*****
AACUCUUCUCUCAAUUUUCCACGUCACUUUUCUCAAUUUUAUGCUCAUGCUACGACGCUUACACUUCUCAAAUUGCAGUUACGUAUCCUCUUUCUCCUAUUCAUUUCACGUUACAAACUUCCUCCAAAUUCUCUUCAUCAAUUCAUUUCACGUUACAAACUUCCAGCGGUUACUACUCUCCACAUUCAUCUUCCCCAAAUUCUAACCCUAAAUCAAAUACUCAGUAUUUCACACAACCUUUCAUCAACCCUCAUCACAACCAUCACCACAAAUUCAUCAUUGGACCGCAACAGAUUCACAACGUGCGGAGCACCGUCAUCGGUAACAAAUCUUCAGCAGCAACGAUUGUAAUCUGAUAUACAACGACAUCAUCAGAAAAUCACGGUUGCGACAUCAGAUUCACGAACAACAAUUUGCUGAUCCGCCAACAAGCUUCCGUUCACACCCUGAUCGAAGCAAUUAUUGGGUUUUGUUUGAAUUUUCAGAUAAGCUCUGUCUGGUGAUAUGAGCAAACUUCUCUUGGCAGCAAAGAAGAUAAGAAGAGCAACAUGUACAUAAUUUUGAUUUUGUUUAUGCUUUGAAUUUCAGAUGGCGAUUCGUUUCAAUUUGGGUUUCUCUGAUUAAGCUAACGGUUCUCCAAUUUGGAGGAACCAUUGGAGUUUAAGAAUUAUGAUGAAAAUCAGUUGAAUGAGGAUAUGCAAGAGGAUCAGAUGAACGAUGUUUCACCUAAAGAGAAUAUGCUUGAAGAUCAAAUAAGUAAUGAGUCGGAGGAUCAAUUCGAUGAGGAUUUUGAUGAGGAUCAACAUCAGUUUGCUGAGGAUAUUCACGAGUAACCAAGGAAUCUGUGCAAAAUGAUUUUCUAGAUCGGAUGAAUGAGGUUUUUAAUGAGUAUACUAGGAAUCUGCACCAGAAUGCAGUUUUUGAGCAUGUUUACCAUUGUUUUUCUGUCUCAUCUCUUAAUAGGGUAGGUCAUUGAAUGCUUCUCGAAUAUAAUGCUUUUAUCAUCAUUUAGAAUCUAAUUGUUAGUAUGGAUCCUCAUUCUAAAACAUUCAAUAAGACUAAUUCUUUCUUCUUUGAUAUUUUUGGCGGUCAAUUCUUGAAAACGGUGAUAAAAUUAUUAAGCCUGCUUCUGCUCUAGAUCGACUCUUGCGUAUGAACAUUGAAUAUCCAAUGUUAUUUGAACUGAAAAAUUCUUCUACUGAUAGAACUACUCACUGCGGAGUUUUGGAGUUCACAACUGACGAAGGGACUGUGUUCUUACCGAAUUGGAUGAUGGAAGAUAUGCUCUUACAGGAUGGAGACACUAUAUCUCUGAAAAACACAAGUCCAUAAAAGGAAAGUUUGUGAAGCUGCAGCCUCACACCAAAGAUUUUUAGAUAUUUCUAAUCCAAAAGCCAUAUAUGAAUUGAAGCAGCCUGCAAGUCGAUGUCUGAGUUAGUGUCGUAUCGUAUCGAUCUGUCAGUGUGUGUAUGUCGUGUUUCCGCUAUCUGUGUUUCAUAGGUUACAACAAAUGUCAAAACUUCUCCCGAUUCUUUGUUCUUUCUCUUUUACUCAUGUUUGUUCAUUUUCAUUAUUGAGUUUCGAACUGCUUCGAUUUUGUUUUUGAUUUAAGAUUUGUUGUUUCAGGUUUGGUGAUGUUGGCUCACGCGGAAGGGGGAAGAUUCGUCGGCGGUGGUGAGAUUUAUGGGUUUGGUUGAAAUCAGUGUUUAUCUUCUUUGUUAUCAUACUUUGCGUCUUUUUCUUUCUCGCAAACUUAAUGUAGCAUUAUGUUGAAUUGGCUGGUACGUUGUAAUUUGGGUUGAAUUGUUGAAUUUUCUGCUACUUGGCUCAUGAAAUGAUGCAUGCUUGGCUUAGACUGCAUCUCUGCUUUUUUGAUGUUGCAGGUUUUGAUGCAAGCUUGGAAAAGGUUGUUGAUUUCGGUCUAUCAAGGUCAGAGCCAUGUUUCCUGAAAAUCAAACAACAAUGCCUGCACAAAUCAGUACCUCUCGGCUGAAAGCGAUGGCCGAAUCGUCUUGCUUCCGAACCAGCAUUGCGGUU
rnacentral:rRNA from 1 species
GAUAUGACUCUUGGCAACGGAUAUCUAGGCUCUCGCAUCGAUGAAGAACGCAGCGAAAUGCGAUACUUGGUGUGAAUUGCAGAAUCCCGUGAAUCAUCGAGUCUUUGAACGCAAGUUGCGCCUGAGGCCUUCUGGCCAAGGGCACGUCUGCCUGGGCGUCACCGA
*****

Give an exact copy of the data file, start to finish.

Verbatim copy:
AACUCUUCUCUCAAUUUUCCACGUCACUUUUCUCAAUUUUAUGCUCAUGCUACGACGCUUACACUUCUCAAAUUGCAGUUACGUAUCCUCUUUCUCCUAUUCAUUUCACGUUACAAACUUCCUCCAAAUUCUCUUCAUCAAUUCAUUUCACGUUACAAACUUCCAGCGGUUACUACUCUCCACAUUCAUCUUCCCCAAAUUCUAACCCUAAAUCAAAUACUCAGUAUUUCACACAACCUUUCAUCAACCCUCAUCACAACCAUCACCACAAAUUCAUCAUUGGACCGCAACAGAUUCACAACGUGCGGAGCACCGUCAUCGGUAACAAAUCUUCAGCAGCAACGAUUGUAAUCUGAUAUACAACGACAUCAUCAGAAAAUCACGGUUGCGACAUCAGAUUCACGAACAACAAUUUGCUGAUCCGCCAACAAGCUUCCGUUCACACCCUGAUCGAAGCAAUUAUUGGGUUUUGUUUGAAUUUUCAGAUAAGCUCUGUCUGGUGAUAUGAGCAAACUUCUCUUGGCAGCAAAGAAGAUAAGAAGAGCAACAUGUACAUAAUUUUGAUUUUGUUUAUGCUUUGAAUUUCAGAUGGCGAUUCGUUUCAAUUUGGGUUUCUCUGAUUAAGCUAACGGUUCUCCAAUUUGGAGGAACCAUUGGAGUUUAAGAAUUAUGAUGAAAAUCAGUUGAAUGAGGAUAUGCAAGAGGAUCAGAUGAACGAUGUUUCACCUAAAGAGAAUAUGCUUGAAGAUCAAAUAAGUAAUGAGUCGGAGGAUCAAUUCGAUGAGGAUUUUGAUGAGGAUCAACAUCAGUUUGCUGAGGAUAUUCACGAGUAACCAAGGAAUCUGUGCAAAAUGAUUUUCUAGAUCGGAUGAAUGAGGUUUUUAAUGAGUAUACUAGGAAUCUGCACCAGAAUGCAGUUUUUGAGCAUGUUUACCAUUGUUUUUCUGUCUCAUCUCUUAAUAGGGUAGGUCAUUGAAUGCUUCUCGAAUAUAAUGCUUUUAUCAUCAUUUAGAAUCUAAUUGUUAGUAUGGAUCCUCAUUCUAAAACAUUCAAUAAGACUAAUUCUUUCUUCUUUGAUAUUUUUGGCGGUCAAUUCUUGAAAACGGUGAUAAAAUUAUUAAGCCUGCUUCUGCUCUAGAUCGACUCUUGCGUAUGAACAUUGAAUAUCCAAUGUUAUUUGAACUGAAAAAUUCUUCUACUGAUAGAACUACUCACUGCGGAGUUUUGGAGUUCACAACUGACGAAGGGACUGUGUUCUUACCGAAUUGGAUGAUGGAAGAUAUGCUCUUACAGGAUGGAGACACUAUAUCUCUGAAAAACACAAGUCCAUAAAAGGAAAGUUUGUGAAGCUGCAGCCUCACACCAAAGAUUUUUAGAUAUUUCUAAUCCAAAAGCCAUAUAUGAAUUGAAGCAGCCUGCAAGUCGAUGUCUGAGUUAGUGUCGUAUCGUAUCGAUCUGUCAGUGUGUGUAUGUCGUGUUUCCGCUAUCUGUGUUUCAUAGGUUACAACAAAUGUCAAAACUUCUCCCGAUUCUUUGUUCUUUCUCUUUUACUCAUGUUUGUUCAUUUUCAUUAUUGAGUUUCGAACUGCUUCGAUUUUGUUUUUGAUUUAAGAUUUGUUGUUUCAGGUUUGGUGAUGUUGGCUCACGCGGAAGGGGGAAGAUUCGUCGGCGGUGGUGAGAUUUAUGGGUUUGGUUGAAAUCAGUGUUUAUCUUCUUUGUUAUCAUACUUUGCGUCUUUUUCUUUCUCGCAAACUUAAUGUAGCAUUAUGUUGAAUUGGCUGGUACGUUGUAAUUUGGGUUGAAUUGUUGAAUUUUCUGCUACUUGGCUCAUGAAAUGAUGCAUGCUUGGCUUAGACUGCAUCUCUGCUUUUUUGAUGUUGCAGGUUUUGAUGCAAGCUUGGAAAAGGUUGUUGAUUUCGGUCUAUCAAGGUCAGAGCCAUGUUUCCUGAAAAUCAAACAACAAUGCCUGCACAAAUCAGUACCUCUCGGCUGAAAGCGAUGGCCGAAUCGUCUUGCUUCCGAACCAGCAUUGCGGUU
rnacentral:rRNA from 1 species
GAUAUGACUCUUGGCAACGGAUAUCUAGGCUCUCGCAUCGAUGAAGAACGCAGCGAAAUGCGAUACUUGGUGUGAAUUGCAGAAUCCCGUGAAUCAUCGAGUCUUUGAACGCAAGUUGCGCCUGAGGCCUUCUGGCCAAGGGCACGUCUGCCUGGGCGUCACCGA